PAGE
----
For many veterans coming home after multiple tours over 14 years of war, getting a job in the civilian world has been their most personal battle yet, marked by disappointments and dead ends.
But, thanks to a slowly improving job market and active efforts by veterans’ groups, officials and recruiters in private-sector companies, that dim outlook is beginning to brighten.
Though still higher than the national average, the unemployment rate among recent veterans has steadily declined. Veterans’ advocates say, perhaps most importantly, the mindset in corporate America is starting to change.
It boils down to this: Seeing that hiring a veteran is not just a good deed. It can be a smart hire.
“I think there is a commitment by the corporate community and associations and groups like ours that are trying to make people understand … We make it a point that veterans should be viewed as an investment, not as a charity,” said Mark Szymanski, a spokesman with the Iraq and Afghanistan Veterans of American (IAVA).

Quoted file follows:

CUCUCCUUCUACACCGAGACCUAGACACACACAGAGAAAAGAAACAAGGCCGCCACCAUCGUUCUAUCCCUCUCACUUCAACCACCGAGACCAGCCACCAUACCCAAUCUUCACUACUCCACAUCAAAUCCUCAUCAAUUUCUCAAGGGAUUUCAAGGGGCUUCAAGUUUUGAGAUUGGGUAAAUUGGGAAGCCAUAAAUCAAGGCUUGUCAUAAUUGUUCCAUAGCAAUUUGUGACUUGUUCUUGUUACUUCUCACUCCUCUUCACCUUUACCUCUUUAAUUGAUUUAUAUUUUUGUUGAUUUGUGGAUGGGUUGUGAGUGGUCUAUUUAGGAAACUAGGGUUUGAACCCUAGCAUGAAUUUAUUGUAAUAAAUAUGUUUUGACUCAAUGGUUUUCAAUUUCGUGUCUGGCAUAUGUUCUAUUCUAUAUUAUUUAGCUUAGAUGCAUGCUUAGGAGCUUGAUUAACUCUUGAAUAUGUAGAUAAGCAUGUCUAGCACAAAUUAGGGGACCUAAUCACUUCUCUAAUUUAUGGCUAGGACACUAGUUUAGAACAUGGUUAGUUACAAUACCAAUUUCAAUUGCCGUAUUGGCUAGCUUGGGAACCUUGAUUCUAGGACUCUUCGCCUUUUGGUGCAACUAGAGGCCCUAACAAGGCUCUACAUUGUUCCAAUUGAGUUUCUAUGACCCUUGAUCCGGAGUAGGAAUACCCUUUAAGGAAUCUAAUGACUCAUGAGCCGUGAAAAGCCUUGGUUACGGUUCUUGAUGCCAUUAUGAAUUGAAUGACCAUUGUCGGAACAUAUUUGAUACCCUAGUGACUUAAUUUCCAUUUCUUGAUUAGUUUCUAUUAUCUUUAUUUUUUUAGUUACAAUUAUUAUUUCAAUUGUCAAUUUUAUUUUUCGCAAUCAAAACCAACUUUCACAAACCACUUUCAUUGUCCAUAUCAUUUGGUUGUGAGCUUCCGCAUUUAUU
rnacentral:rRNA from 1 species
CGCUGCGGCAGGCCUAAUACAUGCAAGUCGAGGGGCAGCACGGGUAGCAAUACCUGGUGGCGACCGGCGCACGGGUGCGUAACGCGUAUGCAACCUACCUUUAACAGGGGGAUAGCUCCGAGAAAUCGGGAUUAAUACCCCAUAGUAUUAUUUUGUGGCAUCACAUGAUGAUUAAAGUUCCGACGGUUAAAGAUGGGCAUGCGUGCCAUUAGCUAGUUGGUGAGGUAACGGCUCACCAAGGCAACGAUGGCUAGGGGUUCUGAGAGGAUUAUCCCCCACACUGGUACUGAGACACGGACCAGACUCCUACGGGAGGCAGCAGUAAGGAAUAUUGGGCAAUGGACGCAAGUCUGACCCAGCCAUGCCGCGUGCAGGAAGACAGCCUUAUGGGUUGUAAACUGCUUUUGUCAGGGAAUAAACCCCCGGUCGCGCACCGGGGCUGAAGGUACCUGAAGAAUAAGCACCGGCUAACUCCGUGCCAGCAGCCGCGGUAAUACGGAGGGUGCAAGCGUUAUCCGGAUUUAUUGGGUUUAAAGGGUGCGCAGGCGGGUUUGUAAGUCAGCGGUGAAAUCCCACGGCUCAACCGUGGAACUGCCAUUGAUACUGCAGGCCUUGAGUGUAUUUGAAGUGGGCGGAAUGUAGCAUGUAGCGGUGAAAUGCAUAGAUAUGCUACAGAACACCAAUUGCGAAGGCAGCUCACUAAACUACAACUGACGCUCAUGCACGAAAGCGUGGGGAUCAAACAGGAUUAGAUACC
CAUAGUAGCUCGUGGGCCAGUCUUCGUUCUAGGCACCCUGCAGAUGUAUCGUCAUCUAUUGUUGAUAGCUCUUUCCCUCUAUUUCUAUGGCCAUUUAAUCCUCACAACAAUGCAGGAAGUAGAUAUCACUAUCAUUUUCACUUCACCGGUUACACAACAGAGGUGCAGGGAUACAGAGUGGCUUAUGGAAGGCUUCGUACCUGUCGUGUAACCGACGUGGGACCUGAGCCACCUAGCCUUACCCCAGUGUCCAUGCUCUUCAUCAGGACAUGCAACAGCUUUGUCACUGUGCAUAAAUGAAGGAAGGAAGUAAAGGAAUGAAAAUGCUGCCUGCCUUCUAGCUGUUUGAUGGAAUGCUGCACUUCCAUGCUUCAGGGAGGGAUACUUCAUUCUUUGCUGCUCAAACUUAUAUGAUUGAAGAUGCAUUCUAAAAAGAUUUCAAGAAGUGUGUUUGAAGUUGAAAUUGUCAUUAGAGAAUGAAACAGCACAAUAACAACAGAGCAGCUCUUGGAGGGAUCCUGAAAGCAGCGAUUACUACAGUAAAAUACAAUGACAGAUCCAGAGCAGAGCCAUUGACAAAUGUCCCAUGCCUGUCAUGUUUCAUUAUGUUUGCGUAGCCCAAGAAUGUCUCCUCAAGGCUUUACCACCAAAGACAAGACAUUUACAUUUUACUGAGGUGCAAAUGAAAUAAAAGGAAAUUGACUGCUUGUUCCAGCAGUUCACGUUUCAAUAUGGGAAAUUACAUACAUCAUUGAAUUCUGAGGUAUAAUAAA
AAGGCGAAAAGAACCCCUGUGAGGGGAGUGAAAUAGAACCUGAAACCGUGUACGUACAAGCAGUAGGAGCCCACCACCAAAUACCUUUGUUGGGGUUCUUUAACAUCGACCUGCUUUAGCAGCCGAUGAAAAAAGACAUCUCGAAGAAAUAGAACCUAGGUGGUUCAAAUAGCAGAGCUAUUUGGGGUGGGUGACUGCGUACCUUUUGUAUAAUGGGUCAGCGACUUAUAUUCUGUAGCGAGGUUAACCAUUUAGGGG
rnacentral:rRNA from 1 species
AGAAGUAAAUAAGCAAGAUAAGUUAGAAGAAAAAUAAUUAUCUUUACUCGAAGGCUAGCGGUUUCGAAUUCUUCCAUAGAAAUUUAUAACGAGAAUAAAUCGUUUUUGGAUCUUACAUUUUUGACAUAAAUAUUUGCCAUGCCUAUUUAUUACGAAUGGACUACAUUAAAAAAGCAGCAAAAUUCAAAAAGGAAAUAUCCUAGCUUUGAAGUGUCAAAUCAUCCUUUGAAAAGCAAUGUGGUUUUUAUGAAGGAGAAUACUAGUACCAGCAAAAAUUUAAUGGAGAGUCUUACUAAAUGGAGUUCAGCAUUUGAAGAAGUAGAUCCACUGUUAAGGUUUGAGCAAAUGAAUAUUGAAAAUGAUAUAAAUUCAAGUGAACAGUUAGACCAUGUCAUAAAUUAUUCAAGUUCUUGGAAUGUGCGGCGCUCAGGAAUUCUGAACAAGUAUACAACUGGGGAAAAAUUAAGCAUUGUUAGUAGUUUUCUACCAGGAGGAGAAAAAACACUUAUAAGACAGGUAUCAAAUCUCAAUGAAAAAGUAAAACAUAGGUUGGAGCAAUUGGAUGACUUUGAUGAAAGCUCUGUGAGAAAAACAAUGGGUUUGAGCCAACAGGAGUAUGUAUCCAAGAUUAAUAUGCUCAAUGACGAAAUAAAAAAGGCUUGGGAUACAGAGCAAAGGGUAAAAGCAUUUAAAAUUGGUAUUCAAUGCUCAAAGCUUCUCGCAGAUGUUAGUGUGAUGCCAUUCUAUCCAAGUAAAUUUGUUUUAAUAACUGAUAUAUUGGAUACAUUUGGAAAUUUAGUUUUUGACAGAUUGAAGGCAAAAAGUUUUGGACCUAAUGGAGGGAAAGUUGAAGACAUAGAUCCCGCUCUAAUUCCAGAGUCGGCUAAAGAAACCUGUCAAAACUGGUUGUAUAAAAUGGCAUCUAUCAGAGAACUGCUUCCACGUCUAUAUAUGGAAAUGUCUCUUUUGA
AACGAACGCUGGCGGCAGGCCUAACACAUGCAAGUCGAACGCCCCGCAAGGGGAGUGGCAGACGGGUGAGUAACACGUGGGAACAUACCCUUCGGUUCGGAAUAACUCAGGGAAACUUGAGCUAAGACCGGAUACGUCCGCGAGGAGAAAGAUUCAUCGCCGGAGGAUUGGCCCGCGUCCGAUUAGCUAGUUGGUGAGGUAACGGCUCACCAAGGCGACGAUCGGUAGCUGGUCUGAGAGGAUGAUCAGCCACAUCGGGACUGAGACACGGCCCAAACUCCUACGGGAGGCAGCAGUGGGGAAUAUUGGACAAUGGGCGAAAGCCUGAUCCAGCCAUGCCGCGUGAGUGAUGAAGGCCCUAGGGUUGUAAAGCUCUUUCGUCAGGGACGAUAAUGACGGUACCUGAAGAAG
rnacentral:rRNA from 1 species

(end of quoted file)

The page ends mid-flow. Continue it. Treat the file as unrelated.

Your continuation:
This is only the start. Tens of thousands of returning veterans are still looking for work. And the mission of IAVA — founded in 2004 to help returning vets reintegrate into the workforce — and similar groups has become only more critical as the Iraq war ended (despite the subsequent return of U.S. forces to combat ISIS) and the U.S. combat mission in Afghanistan drew to a close.